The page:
If you dislike bland chain restaurants, you won't like La Fonda.
We went there on reccomandation from hotel staff and at first it appeared impressive with pleantty of bars restaurants and craft shops, but it appeared quiet. We went back that night (the entrance ticket of 7.50 E lets you in and out) to eat for a birthday celebration. As you enter there are a couple of restaurants on your left, the second one (it has Isi in its title), avoid it all costs. We should have gone with our instincts cos it was quiet, but the service and food was really poor. Starters arriving after main course, no accompanying vergetables or side orders offered. One meal was burnt. When we asked for another bottle of wine later we were told it was closing and then the waiter proceeded to serve drinks to the next table of 'locals'. Having spent over 200euros, we were not pleased at all with our treatment, on what was supposed to be a special night for one of oue party.
Unique Suggestions: Go in the day, mooch around, have a drink in the sun, dont go there and eat.
Fun Alternatives: The mael ruined our perception of what appeared a nice place.
This is about the central bus station Estacio Nord. I live very close to this place and I travel from there quite often. Ryanair bus shuttle services to/from Girona airport go there. Beware of pickpockets there, especially at night. The critical moment is when buses arrive. Then small groups of young Moroccans or even single individuals on their own mingle with passengers (most of them tired and absentminded) trying to pick up their luggage from the boot. The "operation" is very quick and most victims will not notice. Also beware of them as you head for the main (narrow) stairs and the exit, because they will also wait there to avoid being seen.
Unique Suggestions: Mind your wallets all the time or even hide money inside your underwear. If you are in a group, arrange for some of you to look after while the other picks up the suitcases. Bear in mind pickpockets are not violent, but somehow barefaced in their way of working. I have seen them acting but I admit I haven't dared confront them, as they are usually not alone and are no little kids. At this staion, securtiy control is poor at night.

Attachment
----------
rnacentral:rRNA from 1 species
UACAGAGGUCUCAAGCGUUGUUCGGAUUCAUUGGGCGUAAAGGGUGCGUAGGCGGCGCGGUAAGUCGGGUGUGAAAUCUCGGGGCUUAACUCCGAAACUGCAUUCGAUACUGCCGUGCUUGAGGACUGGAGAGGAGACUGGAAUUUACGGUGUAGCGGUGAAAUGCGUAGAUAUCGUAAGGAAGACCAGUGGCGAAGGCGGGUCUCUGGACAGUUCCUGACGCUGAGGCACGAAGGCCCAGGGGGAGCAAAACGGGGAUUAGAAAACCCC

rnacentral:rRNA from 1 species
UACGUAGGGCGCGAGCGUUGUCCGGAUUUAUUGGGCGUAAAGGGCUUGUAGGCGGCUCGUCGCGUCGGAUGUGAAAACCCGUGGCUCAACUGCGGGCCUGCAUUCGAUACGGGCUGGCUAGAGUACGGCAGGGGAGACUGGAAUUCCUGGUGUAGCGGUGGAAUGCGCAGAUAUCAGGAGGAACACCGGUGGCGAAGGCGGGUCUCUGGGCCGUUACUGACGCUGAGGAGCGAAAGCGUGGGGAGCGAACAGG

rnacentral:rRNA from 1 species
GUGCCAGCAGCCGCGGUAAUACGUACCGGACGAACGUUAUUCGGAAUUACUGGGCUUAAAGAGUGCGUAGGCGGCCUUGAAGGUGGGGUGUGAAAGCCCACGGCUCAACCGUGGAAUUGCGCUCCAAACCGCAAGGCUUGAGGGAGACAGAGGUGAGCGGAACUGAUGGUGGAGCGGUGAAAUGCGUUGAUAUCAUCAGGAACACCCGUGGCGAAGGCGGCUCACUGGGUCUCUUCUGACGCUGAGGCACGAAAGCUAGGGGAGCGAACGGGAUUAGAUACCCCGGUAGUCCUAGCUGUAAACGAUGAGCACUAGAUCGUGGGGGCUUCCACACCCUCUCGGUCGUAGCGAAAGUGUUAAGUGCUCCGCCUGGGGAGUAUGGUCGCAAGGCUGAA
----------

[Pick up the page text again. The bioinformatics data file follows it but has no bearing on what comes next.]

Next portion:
This tiny section of land inbetween the Harbor of Barcelona is a big tourist trap. Food is overpriced and tourists are everywhere. The only positive things about this strip of tourist bumping tourist land is perhaps the IMAX theatre showing kid flicks or an ancient wooden submarine from the 1800's proudly displayed on the grass.
Unique Suggestions: Take a look at the Wooden Submarine from the 1800's.
Fun Alternatives: Pass Moll D'Espania and the Harbor and then take a right down first large street. Walk all the way down this street filled with Vendors and tourists. The harbor will be on your right side. If you follow this street all the way down, you will eventually hit Barceloneta Beach. Once on the beach, take a left and walk down the beach and enjoy the beaches of Barcelona!
We had just visited "La Pedrera", feeling very tired and hungry. Yes, we know we should have looked for a "menu fixe" restaurant, but this was the first establishment we found and in we went to taste the local food, the paella.
There was a placard outside, advertising this item, but failed to note there were no prices. There was a snack bar just inside, with prices posted. Further inside, was a restaurant with waiter service.
We ordered a meat paella and mineral water. The bottle of mineral water was so small you could hardly see it! And we were each given a cheap plastic glass and a napkin which looked like toilet paper. The food arrived in the pan it was cooked in. There was no extra dish
At that point the waiter insisted on being paid, before we began to eat.
The bill came to EUR36!
In truth, the food was tasty, but the price was ridiculously high for what we got. Also their toilets on that day were dirty and disgraceful. Look somewhere else for paella.
Well, Maremagnum is the name of a big structure situated at the end of La Rambla de Mar (the wooden bridge after Las Ramblas)
It's a nice structure and there are a lot of nice (and a bit pricey) shops and restaurants inside, and it's worth a visit on daytime.
For the nightfile, if there are plenty of small clubs (not bad ones, but small and full of drunk people) and a couple of irish pubs, it's nothing special. Many people will came here and waste the night just because they don't know that there are VERY better and biggest clubs in the Olympic area (near beaches).
And, to speak frankly, most of people in this area are very young people, drunkish and aiming to drink-dance-drink only.
My advice, if you want to see REAL clubs, is to head to the beaches after the Barceloneta and ask for places like Catwalk, Pacha, Shoko, and so on. visit www.bcn-nightlife.com for great info about the clubs...